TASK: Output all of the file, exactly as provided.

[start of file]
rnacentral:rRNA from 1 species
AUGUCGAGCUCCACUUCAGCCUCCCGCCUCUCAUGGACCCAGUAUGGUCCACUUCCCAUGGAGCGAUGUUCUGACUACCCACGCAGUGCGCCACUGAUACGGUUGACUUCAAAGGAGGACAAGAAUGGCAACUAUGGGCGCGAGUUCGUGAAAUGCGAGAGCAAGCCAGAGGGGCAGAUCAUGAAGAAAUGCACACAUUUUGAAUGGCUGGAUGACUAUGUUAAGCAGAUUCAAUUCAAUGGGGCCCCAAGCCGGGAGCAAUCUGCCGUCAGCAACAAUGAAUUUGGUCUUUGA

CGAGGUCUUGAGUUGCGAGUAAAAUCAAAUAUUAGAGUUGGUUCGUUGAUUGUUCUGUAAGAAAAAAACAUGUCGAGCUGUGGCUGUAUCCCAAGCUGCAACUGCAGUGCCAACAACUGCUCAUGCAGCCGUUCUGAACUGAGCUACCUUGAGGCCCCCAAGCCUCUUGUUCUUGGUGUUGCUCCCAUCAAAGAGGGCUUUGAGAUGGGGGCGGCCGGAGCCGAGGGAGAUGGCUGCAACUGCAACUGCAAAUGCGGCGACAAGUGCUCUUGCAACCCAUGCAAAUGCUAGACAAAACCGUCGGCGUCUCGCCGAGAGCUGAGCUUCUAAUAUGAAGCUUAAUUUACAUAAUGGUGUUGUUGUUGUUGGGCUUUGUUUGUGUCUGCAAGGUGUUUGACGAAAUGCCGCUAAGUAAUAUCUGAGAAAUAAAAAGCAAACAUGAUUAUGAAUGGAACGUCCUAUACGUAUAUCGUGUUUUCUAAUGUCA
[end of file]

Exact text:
rnacentral:rRNA from 1 species
AUGUCGAGCUCCACUUCAGCCUCCCGCCUCUCAUGGACCCAGUAUGGUCCACUUCCCAUGGAGCGAUGUUCUGACUACCCACGCAGUGCGCCACUGAUACGGUUGACUUCAAAGGAGGACAAGAAUGGCAACUAUGGGCGCGAGUUCGUGAAAUGCGAGAGCAAGCCAGAGGGGCAGAUCAUGAAGAAAUGCACACAUUUUGAAUGGCUGGAUGACUAUGUUAAGCAGAUUCAAUUCAAUGGGGCCCCAAGCCGGGAGCAAUCUGCCGUCAGCAACAAUGAAUUUGGUCUUUGA

CGAGGUCUUGAGUUGCGAGUAAAAUCAAAUAUUAGAGUUGGUUCGUUGAUUGUUCUGUAAGAAAAAAACAUGUCGAGCUGUGGCUGUAUCCCAAGCUGCAACUGCAGUGCCAACAACUGCUCAUGCAGCCGUUCUGAACUGAGCUACCUUGAGGCCCCCAAGCCUCUUGUUCUUGGUGUUGCUCCCAUCAAAGAGGGCUUUGAGAUGGGGGCGGCCGGAGCCGAGGGAGAUGGCUGCAACUGCAACUGCAAAUGCGGCGACAAGUGCUCUUGCAACCCAUGCAAAUGCUAGACAAAACCGUCGGCGUCUCGCCGAGAGCUGAGCUUCUAAUAUGAAGCUUAAUUUACAUAAUGGUGUUGUUGUUGUUGGGCUUUGUUUGUGUCUGCAAGGUGUUUGACGAAAUGCCGCUAAGUAAUAUCUGAGAAAUAAAAAGCAAACAUGAUUAUGAAUGGAACGUCCUAUACGUAUAUCGUGUUUUCUAAUGUCA